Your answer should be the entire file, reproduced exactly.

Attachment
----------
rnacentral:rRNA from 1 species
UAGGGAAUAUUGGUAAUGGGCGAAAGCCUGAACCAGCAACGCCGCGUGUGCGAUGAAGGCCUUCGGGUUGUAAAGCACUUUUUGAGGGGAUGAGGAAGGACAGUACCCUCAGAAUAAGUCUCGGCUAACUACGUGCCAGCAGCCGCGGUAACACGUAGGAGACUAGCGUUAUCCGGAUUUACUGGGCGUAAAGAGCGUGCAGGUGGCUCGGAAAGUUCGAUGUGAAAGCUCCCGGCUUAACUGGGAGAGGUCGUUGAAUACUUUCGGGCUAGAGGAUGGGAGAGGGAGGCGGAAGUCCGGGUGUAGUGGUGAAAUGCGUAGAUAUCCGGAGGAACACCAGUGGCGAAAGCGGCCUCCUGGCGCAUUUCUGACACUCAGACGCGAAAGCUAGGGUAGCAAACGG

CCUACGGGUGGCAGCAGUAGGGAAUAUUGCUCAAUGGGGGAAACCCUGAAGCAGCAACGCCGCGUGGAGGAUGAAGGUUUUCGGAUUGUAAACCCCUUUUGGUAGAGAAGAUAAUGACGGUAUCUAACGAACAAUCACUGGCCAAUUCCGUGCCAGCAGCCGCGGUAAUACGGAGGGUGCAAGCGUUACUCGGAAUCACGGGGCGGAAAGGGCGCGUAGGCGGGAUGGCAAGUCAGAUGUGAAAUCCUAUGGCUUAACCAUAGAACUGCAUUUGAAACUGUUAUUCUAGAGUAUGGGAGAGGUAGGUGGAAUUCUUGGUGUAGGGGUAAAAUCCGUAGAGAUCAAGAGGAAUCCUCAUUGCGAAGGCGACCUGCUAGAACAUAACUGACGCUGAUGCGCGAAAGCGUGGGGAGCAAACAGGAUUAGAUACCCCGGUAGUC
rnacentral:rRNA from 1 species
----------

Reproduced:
rnacentral:rRNA from 1 species
UAGGGAAUAUUGGUAAUGGGCGAAAGCCUGAACCAGCAACGCCGCGUGUGCGAUGAAGGCCUUCGGGUUGUAAAGCACUUUUUGAGGGGAUGAGGAAGGACAGUACCCUCAGAAUAAGUCUCGGCUAACUACGUGCCAGCAGCCGCGGUAACACGUAGGAGACUAGCGUUAUCCGGAUUUACUGGGCGUAAAGAGCGUGCAGGUGGCUCGGAAAGUUCGAUGUGAAAGCUCCCGGCUUAACUGGGAGAGGUCGUUGAAUACUUUCGGGCUAGAGGAUGGGAGAGGGAGGCGGAAGUCCGGGUGUAGUGGUGAAAUGCGUAGAUAUCCGGAGGAACACCAGUGGCGAAAGCGGCCUCCUGGCGCAUUUCUGACACUCAGACGCGAAAGCUAGGGUAGCAAACGG

CCUACGGGUGGCAGCAGUAGGGAAUAUUGCUCAAUGGGGGAAACCCUGAAGCAGCAACGCCGCGUGGAGGAUGAAGGUUUUCGGAUUGUAAACCCCUUUUGGUAGAGAAGAUAAUGACGGUAUCUAACGAACAAUCACUGGCCAAUUCCGUGCCAGCAGCCGCGGUAAUACGGAGGGUGCAAGCGUUACUCGGAAUCACGGGGCGGAAAGGGCGCGUAGGCGGGAUGGCAAGUCAGAUGUGAAAUCCUAUGGCUUAACCAUAGAACUGCAUUUGAAACUGUUAUUCUAGAGUAUGGGAGAGGUAGGUGGAAUUCUUGGUGUAGGGGUAAAAUCCGUAGAGAUCAAGAGGAAUCCUCAUUGCGAAGGCGACCUGCUAGAACAUAACUGACGCUGAUGCGCGAAAGCGUGGGGAGCAAACAGGAUUAGAUACCCCGGUAGUC
rnacentral:rRNA from 1 species